Almost half are unaware of how much income they'll need to sustain the lifestyle that they want
Nearly half (46%) of Singaporeans expect their family to care for them in retirement, based on a new study.
The survey also revealed that almost half (48%) of respondents forecast they will not have enough money saved to sustain the lifestyle they want in retirement.
About 13% believe they will need to work past retirement age owing to a lack of savings, with two-thirds (66%) concerned about being a financial burden to those closest to them.
More than two-in-five (42%) are unaware of how much income they’ll need in retirement to enjoy the lifestyle they aspire to lead, according to St. James’s Place Wealth Management Asia (SJP Asia).
The median expectation among respondents was a monthly income of $3,501 to S$5,000, with over half (51%) believing they would need more than S$5,000 per month in their retirement.
Some of their concerns include having a lack of understanding around tax matters and having to make lifestyle sacrifices that all contribute to making retirement planning difficult, with over half (57%) saying that it was a significant source of stress in their lives.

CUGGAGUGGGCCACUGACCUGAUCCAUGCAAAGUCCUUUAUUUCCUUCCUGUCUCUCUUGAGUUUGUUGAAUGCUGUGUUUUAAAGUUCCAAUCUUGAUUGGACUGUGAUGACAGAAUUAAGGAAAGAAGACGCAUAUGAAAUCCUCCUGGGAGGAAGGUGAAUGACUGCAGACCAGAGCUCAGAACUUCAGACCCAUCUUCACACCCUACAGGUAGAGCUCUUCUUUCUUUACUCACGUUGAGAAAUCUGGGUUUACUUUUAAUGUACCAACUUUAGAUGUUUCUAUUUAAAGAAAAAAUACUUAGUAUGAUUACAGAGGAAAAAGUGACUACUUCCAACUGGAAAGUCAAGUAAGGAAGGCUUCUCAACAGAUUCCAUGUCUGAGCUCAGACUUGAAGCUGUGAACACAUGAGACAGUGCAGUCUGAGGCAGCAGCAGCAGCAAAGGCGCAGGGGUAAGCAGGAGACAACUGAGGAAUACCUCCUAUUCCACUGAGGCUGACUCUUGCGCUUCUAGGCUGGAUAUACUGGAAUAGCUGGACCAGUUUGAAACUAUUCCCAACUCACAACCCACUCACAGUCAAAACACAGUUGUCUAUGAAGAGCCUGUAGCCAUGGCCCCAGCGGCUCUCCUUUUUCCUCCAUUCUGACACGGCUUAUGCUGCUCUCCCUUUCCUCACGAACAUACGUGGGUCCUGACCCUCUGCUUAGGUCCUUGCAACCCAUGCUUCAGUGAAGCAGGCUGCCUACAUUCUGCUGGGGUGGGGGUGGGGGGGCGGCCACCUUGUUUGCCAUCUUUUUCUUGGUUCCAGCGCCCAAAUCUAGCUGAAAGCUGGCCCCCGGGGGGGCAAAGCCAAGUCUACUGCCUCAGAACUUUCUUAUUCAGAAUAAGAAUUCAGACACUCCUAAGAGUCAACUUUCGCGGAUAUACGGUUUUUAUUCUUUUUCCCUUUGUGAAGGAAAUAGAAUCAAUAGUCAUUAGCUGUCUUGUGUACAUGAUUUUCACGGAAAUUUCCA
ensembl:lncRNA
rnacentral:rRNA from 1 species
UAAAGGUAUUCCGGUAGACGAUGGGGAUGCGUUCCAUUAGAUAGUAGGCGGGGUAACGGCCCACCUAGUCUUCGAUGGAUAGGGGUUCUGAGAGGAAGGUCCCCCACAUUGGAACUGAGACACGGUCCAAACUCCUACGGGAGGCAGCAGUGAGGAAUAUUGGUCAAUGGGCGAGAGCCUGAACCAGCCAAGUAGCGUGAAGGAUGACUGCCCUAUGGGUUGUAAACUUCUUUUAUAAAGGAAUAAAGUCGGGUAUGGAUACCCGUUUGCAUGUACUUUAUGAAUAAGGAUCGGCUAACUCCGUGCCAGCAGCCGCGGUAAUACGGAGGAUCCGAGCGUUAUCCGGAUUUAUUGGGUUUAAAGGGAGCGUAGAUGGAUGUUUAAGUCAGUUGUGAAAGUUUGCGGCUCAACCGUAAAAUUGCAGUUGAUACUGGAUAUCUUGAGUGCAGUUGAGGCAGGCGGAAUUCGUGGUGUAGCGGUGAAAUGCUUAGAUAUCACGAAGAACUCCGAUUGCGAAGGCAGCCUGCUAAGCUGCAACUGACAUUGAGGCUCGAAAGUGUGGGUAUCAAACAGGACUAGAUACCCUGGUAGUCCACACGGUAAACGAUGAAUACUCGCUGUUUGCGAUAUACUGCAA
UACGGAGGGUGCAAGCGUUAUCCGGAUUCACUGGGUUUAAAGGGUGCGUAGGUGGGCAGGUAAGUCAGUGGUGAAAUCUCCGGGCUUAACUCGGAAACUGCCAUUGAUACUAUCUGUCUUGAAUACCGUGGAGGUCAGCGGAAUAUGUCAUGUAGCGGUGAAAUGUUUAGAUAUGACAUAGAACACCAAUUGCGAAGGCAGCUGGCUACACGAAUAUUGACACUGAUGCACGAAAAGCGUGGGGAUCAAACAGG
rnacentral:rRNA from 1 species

However stressful, a lack of financial preparation earlier in their lives can lead to more serious consequences nearer to their retirement – less than half (44%) of respondents have discussed retirement with their family members.
Considering forecasted savings shortages, many respondents are prepared to make sacrifices in their twilight years to accommodate their retirement plans. This includes:
- reducing spend on lifestyle services, luxury goods and travel
- downsizing their home
- reducing spending on family members
Interestingly, more than half (56%) of those who don’t believe that they will have enough money saved for retirement are between the ages of 25 to 40. However, these are respondents with a longer time horizon and more earnings potential, which means they can do more to improve their financial situation over time.
A third of those surveyed said they plan to retire outside of Singapore, with Malaysia (25%), Australia (15%) and Thailand (13%) being the most popular destinations.
When asked why, 57% cited Singapore’s high cost of living. However, respondents were also motivated by positive factors including a desire for a change in scenery (43%) and better perceived benefits for seniors elsewhere (36%).
“One of the greatest assets that the younger generation has on its side when either investing or saving for the future, is time,” said Gary Harvey, CEO at SJP Singapore. “However, as COVID-19 has demonstrated, potential crises are never far away.
“It is important that people prepare for the unexpected and adopt good habits. By doing this, they can help to mitigate the impact of short-term financial headwinds and reap the full benefits over time.”